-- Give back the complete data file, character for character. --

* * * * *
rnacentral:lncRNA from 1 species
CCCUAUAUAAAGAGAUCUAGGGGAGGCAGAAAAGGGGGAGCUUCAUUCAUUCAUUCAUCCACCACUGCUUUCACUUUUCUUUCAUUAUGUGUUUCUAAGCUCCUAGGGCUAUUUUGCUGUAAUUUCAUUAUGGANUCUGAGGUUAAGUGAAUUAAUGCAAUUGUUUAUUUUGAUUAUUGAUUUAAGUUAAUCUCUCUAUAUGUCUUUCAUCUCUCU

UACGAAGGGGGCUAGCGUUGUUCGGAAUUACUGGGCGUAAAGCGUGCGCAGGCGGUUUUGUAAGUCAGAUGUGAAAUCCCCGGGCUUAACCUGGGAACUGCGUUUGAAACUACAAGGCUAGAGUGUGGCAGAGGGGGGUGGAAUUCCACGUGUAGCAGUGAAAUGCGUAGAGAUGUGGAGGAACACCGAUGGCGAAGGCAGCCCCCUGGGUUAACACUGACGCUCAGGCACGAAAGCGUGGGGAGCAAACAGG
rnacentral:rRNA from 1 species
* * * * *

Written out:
rnacentral:lncRNA from 1 species
CCCUAUAUAAAGAGAUCUAGGGGAGGCAGAAAAGGGGGAGCUUCAUUCAUUCAUUCAUCCACCACUGCUUUCACUUUUCUUUCAUUAUGUGUUUCUAAGCUCCUAGGGCUAUUUUGCUGUAAUUUCAUUAUGGANUCUGAGGUUAAGUGAAUUAAUGCAAUUGUUUAUUUUGAUUAUUGAUUUAAGUUAAUCUCUCUAUAUGUCUUUCAUCUCUCU

UACGAAGGGGGCUAGCGUUGUUCGGAAUUACUGGGCGUAAAGCGUGCGCAGGCGGUUUUGUAAGUCAGAUGUGAAAUCCCCGGGCUUAACCUGGGAACUGCGUUUGAAACUACAAGGCUAGAGUGUGGCAGAGGGGGGUGGAAUUCCACGUGUAGCAGUGAAAUGCGUAGAGAUGUGGAGGAACACCGAUGGCGAAGGCAGCCCCCUGGGUUAACACUGACGCUCAGGCACGAAAGCGUGGGGAGCAAACAGG
rnacentral:rRNA from 1 species